Seeing his joy became enough for me, and I decided to continue these performances he loved so much. All of this confirmed what I should have realized all along – music can indeed reach demented people on a deep level.
I invite all of you share your own stories about using music with your Alzheimer’s loved ones.
- Alzheimer’s and Music: How a Classical Violinist Brought Great Joy to My Demented Romanian Soul Mate
- Music and Alzheimer’s Disease: Using Music to Engage, Comfort and Bring Joy to Your Loved Ones
Marie Marley, PhD, is a professional medical grant writer who, over the years, acquired a keen understanding of many geriatric topics, including dementia. . In Come Back Early Today: A Memoir of Love, Alzheimer’s and Joy she describes her remarkable 30-year relationship with Edward Theodoru, PhD, a delightfully colorful yet wickedly eccentric Romanian gentleman – the love of her life. Learn more about their story at Come Back Early Today.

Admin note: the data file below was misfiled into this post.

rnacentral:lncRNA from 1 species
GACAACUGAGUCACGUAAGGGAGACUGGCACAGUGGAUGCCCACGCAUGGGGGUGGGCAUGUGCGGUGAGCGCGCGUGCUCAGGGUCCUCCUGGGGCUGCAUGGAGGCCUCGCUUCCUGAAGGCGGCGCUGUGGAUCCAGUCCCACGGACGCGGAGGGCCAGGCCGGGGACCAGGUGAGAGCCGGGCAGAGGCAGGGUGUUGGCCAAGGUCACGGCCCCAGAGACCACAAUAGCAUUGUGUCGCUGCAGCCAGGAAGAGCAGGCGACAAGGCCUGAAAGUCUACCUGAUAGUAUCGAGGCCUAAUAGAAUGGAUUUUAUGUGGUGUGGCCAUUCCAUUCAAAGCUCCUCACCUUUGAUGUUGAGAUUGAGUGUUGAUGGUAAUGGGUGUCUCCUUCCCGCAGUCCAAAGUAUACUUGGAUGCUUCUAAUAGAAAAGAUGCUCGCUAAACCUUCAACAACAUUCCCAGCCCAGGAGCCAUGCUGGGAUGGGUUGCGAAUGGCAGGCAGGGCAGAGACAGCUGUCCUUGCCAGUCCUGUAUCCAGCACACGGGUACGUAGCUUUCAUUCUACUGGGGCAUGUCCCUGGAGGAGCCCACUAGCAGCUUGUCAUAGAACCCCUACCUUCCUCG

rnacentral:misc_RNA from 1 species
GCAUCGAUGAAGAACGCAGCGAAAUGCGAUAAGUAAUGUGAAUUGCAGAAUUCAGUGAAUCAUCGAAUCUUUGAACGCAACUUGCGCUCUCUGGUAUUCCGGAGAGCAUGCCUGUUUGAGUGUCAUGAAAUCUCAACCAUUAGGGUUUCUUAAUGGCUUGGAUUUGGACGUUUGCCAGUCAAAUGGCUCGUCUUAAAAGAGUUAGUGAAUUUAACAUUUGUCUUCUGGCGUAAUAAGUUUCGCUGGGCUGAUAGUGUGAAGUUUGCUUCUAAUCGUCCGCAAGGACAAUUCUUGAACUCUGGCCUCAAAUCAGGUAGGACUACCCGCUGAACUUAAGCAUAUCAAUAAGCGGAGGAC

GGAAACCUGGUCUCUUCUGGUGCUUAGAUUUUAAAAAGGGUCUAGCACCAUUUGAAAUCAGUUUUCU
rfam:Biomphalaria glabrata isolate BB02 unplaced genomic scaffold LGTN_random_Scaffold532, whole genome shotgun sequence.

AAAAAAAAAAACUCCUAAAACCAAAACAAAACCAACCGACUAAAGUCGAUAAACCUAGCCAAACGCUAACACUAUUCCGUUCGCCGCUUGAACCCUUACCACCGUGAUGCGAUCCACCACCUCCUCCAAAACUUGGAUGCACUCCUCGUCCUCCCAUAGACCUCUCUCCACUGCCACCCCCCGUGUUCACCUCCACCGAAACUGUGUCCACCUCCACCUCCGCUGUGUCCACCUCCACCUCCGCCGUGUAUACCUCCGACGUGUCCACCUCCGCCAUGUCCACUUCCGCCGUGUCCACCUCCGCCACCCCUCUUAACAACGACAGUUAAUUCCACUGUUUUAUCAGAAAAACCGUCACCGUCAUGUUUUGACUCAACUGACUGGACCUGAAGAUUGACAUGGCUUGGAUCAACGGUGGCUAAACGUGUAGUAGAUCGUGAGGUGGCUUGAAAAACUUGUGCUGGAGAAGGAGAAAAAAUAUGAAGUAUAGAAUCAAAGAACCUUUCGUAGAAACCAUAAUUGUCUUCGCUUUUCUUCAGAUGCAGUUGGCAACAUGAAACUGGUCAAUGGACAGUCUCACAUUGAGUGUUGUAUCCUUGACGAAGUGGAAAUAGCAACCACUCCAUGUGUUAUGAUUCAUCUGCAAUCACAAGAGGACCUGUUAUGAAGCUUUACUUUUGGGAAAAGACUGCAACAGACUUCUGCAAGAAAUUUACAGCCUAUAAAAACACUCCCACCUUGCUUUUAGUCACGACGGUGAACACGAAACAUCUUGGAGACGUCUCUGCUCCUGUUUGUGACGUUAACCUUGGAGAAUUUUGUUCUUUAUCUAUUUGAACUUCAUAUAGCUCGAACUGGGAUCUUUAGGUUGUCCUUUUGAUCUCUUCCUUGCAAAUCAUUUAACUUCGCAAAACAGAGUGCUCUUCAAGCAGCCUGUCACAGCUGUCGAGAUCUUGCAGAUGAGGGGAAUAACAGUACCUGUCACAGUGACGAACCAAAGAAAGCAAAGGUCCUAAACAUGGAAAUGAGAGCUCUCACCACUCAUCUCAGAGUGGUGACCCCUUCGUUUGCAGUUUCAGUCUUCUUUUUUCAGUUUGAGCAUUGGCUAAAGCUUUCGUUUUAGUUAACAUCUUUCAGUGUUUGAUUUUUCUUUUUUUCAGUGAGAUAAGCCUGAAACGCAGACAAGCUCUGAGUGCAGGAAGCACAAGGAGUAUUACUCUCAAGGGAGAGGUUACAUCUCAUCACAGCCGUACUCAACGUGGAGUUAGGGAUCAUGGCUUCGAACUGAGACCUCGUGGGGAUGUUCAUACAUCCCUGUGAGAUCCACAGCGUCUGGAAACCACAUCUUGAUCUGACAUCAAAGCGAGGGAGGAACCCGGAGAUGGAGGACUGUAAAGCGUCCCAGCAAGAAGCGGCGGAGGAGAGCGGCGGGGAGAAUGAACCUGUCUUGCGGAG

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Original content Marie Marley, the Alzheimer’s Reading Room
ATLANTA – Children who learn to play a musical instrument and keep playing for many years will enjoy a better brain when they age. Not only will they retain cognitive skills that others may loose, they may enjoy special protections against some effects of Alzheimer’s disease, according to a study conducted by Brenda Hanna-Pladdy, PhD., a clinical neuropsychologist in Emory University‘s Department of Neurology.
“Natural aging of the brain and the effects of the more accelerated decline found in neurodegenerative conditions such as Alzheimer’s Disease may be delayed or diminished, ” said Hanna-Pladdy.